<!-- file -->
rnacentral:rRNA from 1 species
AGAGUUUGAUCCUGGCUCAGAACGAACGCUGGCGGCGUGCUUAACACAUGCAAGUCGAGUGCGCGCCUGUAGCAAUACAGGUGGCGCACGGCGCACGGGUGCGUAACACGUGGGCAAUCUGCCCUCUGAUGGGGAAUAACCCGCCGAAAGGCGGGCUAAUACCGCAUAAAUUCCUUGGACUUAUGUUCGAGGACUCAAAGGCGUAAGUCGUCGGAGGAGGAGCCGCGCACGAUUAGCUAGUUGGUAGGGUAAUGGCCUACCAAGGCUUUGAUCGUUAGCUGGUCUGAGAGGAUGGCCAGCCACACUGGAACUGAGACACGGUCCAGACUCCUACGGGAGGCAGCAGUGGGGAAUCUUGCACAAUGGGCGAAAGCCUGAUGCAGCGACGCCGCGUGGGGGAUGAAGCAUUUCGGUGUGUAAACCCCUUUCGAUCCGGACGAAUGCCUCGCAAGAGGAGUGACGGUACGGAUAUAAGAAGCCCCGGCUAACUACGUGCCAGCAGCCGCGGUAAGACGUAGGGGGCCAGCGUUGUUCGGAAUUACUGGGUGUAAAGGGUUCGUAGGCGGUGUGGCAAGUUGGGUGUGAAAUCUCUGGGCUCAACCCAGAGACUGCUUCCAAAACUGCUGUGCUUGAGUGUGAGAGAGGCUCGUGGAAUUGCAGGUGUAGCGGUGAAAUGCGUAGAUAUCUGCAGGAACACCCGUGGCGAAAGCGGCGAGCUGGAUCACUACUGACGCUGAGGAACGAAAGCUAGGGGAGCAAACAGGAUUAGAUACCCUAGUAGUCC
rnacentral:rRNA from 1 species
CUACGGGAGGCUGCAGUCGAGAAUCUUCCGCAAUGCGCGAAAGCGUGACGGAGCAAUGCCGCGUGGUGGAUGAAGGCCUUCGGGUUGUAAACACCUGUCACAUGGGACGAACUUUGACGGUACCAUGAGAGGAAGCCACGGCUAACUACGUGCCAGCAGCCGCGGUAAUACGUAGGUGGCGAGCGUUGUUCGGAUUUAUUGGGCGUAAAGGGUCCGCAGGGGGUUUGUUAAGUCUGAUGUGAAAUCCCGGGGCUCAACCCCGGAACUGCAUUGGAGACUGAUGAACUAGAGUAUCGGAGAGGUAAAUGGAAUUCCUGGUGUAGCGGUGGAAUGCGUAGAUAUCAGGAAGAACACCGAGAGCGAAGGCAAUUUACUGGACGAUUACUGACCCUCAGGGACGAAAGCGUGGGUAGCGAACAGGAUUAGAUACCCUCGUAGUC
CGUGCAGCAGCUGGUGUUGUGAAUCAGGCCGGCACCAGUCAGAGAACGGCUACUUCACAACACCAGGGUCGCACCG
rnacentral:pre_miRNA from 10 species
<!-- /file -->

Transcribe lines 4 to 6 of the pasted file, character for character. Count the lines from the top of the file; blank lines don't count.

CUACGGGAGGCUGCAGUCGAGAAUCUUCCGCAAUGCGCGAAAGCGUGACGGAGCAAUGCCGCGUGGUGGAUGAAGGCCUUCGGGUUGUAAACACCUGUCACAUGGGACGAACUUUGACGGUACCAUGAGAGGAAGCCACGGCUAACUACGUGCCAGCAGCCGCGGUAAUACGUAGGUGGCGAGCGUUGUUCGGAUUUAUUGGGCGUAAAGGGUCCGCAGGGGGUUUGUUAAGUCUGAUGUGAAAUCCCGGGGCUCAACCCCGGAACUGCAUUGGAGACUGAUGAACUAGAGUAUCGGAGAGGUAAAUGGAAUUCCUGGUGUAGCGGUGGAAUGCGUAGAUAUCAGGAAGAACACCGAGAGCGAAGGCAAUUUACUGGACGAUUACUGACCCUCAGGGACGAAAGCGUGGGUAGCGAACAGGAUUAGAUACCCUCGUAGUC
CGUGCAGCAGCUGGUGUUGUGAAUCAGGCCGGCACCAGUCAGAGAACGGCUACUUCACAACACCAGGGUCGCACCG
rnacentral:pre_miRNA from 10 species